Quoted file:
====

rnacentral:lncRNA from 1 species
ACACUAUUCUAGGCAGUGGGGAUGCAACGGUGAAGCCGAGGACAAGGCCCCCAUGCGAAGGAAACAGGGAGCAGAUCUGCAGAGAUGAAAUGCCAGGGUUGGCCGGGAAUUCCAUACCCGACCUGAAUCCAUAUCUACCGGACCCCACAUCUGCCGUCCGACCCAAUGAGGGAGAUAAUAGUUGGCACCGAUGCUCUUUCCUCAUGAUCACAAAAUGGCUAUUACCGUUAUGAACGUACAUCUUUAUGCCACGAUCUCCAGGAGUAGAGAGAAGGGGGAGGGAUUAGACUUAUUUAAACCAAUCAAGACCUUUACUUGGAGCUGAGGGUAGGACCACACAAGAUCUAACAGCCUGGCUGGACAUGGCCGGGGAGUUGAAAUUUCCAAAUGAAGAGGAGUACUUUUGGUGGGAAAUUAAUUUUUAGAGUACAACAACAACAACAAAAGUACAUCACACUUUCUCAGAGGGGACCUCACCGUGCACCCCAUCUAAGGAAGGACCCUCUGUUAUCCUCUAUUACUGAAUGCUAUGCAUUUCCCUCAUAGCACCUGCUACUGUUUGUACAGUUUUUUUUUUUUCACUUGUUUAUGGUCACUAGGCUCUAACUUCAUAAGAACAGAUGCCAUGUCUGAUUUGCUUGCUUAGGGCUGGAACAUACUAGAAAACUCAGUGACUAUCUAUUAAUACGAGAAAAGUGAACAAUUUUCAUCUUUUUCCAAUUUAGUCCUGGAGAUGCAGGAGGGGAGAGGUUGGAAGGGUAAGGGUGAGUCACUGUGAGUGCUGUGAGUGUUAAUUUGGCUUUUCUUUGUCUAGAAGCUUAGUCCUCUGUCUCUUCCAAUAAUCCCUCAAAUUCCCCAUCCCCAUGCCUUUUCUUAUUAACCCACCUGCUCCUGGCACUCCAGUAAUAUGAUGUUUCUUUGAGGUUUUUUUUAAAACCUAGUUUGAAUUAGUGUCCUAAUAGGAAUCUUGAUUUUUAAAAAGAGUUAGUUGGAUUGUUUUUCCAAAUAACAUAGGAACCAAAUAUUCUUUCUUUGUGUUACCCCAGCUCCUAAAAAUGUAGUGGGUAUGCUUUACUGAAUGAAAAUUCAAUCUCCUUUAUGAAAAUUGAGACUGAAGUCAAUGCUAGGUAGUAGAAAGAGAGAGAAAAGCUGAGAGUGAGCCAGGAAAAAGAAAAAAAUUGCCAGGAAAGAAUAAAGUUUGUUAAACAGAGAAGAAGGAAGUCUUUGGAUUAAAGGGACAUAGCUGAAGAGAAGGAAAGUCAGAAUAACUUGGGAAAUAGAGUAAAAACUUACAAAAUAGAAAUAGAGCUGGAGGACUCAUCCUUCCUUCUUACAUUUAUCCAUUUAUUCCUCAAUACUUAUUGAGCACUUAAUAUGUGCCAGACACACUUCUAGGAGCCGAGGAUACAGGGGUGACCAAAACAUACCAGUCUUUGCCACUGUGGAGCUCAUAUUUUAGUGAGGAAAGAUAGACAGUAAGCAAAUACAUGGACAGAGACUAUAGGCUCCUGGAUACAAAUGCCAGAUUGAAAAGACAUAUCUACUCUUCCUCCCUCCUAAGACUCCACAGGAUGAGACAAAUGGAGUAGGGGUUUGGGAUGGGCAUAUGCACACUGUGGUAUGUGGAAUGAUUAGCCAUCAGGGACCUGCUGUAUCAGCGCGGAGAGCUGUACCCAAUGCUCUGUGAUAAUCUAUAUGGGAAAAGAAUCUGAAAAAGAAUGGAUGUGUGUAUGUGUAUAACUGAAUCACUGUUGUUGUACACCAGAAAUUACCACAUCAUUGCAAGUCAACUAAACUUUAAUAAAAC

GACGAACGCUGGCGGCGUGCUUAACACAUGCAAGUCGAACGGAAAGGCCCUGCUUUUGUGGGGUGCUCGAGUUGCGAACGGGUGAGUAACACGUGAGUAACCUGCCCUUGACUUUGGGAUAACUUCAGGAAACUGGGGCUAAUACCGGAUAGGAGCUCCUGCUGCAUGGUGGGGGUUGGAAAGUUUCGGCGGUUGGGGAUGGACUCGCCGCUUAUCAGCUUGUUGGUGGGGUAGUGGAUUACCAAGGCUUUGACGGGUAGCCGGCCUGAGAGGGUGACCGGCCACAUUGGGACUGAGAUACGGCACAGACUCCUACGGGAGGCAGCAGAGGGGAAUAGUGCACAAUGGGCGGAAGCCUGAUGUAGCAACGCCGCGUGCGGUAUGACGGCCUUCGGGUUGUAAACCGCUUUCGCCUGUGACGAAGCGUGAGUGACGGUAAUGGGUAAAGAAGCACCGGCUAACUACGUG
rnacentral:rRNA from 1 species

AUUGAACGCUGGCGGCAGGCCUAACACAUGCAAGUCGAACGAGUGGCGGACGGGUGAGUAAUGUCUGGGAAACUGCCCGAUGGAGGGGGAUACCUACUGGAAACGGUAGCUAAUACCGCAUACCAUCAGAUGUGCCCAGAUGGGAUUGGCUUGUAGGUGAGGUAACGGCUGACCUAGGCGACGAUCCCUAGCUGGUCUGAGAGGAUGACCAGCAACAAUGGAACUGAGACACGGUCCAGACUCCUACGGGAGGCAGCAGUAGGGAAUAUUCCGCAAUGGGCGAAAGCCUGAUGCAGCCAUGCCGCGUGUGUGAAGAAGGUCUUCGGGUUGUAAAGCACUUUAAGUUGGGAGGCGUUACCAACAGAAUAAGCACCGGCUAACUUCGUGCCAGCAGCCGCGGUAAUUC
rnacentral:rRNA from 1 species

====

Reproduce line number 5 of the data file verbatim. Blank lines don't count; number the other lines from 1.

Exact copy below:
AUUGAACGCUGGCGGCAGGCCUAACACAUGCAAGUCGAACGAGUGGCGGACGGGUGAGUAAUGUCUGGGAAACUGCCCGAUGGAGGGGGAUACCUACUGGAAACGGUAGCUAAUACCGCAUACCAUCAGAUGUGCCCAGAUGGGAUUGGCUUGUAGGUGAGGUAACGGCUGACCUAGGCGACGAUCCCUAGCUGGUCUGAGAGGAUGACCAGCAACAAUGGAACUGAGACACGGUCCAGACUCCUACGGGAGGCAGCAGUAGGGAAUAUUCCGCAAUGGGCGAAAGCCUGAUGCAGCCAUGCCGCGUGUGUGAAGAAGGUCUUCGGGUUGUAAAGCACUUUAAGUUGGGAGGCGUUACCAACAGAAUAAGCACCGGCUAACUUCGUGCCAGCAGCCGCGGUAAUUC